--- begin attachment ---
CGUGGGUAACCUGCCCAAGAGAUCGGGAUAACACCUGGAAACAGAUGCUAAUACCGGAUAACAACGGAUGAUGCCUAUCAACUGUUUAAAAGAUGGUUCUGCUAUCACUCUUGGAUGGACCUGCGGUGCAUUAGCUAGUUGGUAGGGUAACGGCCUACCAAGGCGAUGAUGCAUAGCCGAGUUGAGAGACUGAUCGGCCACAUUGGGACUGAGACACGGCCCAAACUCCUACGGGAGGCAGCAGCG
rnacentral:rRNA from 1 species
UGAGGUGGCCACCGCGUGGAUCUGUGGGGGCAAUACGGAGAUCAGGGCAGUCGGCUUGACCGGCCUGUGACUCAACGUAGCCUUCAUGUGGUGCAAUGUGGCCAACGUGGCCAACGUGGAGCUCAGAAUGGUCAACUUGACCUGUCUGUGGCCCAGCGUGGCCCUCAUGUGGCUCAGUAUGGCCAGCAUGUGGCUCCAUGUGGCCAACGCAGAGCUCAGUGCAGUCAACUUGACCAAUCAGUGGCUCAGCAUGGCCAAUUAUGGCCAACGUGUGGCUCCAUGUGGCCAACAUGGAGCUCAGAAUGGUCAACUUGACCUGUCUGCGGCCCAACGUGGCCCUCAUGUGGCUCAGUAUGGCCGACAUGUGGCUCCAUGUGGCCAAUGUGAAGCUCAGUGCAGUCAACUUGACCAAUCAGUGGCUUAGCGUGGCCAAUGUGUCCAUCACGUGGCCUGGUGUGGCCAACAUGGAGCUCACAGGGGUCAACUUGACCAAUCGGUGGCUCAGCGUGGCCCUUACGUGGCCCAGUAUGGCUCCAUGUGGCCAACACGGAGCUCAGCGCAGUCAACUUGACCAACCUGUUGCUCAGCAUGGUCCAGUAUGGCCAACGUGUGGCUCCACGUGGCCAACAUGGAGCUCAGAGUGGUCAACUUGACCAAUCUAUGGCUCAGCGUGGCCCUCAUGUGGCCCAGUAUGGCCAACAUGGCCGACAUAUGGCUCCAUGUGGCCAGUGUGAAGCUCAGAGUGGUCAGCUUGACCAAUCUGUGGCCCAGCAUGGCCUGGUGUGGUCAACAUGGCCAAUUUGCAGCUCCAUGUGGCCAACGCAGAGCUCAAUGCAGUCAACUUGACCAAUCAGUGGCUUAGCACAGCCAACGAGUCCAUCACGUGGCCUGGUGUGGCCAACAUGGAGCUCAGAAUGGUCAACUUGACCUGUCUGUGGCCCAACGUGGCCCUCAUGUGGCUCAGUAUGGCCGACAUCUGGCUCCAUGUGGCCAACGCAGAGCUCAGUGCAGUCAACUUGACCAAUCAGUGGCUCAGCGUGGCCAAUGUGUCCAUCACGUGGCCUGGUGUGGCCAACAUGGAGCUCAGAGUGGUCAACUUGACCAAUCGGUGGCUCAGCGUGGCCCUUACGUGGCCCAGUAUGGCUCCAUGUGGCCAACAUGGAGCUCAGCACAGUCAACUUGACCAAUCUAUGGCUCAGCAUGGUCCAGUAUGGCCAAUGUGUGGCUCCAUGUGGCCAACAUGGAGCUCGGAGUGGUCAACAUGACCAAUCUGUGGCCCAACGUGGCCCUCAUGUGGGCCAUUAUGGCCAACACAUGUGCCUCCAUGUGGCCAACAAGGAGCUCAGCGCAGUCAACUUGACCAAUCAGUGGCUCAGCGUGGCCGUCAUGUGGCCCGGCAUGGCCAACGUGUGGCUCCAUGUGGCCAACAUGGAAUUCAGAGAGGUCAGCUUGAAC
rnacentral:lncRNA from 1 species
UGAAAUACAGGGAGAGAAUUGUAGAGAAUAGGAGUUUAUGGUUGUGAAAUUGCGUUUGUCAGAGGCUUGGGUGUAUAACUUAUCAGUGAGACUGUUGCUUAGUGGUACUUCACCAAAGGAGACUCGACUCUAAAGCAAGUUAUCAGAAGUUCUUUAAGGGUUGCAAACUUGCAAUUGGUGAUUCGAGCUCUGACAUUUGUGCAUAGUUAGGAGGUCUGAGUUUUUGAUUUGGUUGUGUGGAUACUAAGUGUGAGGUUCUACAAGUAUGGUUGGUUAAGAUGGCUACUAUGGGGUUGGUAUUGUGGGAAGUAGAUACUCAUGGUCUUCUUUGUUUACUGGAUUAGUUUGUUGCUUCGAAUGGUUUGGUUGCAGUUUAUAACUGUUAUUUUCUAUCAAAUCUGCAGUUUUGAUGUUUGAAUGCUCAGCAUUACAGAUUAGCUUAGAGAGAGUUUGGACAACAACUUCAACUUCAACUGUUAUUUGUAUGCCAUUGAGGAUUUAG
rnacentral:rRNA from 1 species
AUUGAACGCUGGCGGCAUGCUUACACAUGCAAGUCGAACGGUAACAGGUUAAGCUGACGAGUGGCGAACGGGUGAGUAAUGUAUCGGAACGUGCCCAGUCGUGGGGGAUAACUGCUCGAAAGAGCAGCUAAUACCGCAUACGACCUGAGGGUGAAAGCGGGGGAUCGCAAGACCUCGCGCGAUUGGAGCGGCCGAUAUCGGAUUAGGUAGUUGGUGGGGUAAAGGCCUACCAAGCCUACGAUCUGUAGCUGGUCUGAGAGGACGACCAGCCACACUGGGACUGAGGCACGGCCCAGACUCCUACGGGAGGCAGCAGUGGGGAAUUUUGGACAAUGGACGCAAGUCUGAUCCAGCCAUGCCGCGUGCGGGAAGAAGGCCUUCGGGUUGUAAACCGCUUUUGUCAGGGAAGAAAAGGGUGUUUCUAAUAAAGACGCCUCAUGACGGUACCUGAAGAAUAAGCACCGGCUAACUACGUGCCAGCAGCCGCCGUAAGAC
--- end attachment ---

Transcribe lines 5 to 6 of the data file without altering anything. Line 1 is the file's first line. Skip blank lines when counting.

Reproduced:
UGAAAUACAGGGAGAGAAUUGUAGAGAAUAGGAGUUUAUGGUUGUGAAAUUGCGUUUGUCAGAGGCUUGGGUGUAUAACUUAUCAGUGAGACUGUUGCUUAGUGGUACUUCACCAAAGGAGACUCGACUCUAAAGCAAGUUAUCAGAAGUUCUUUAAGGGUUGCAAACUUGCAAUUGGUGAUUCGAGCUCUGACAUUUGUGCAUAGUUAGGAGGUCUGAGUUUUUGAUUUGGUUGUGUGGAUACUAAGUGUGAGGUUCUACAAGUAUGGUUGGUUAAGAUGGCUACUAUGGGGUUGGUAUUGUGGGAAGUAGAUACUCAUGGUCUUCUUUGUUUACUGGAUUAGUUUGUUGCUUCGAAUGGUUUGGUUGCAGUUUAUAACUGUUAUUUUCUAUCAAAUCUGCAGUUUUGAUGUUUGAAUGCUCAGCAUUACAGAUUAGCUUAGAGAGAGUUUGGACAACAACUUCAACUUCAACUGUUAUUUGUAUGCCAUUGAGGAUUUAG
rnacentral:rRNA from 1 species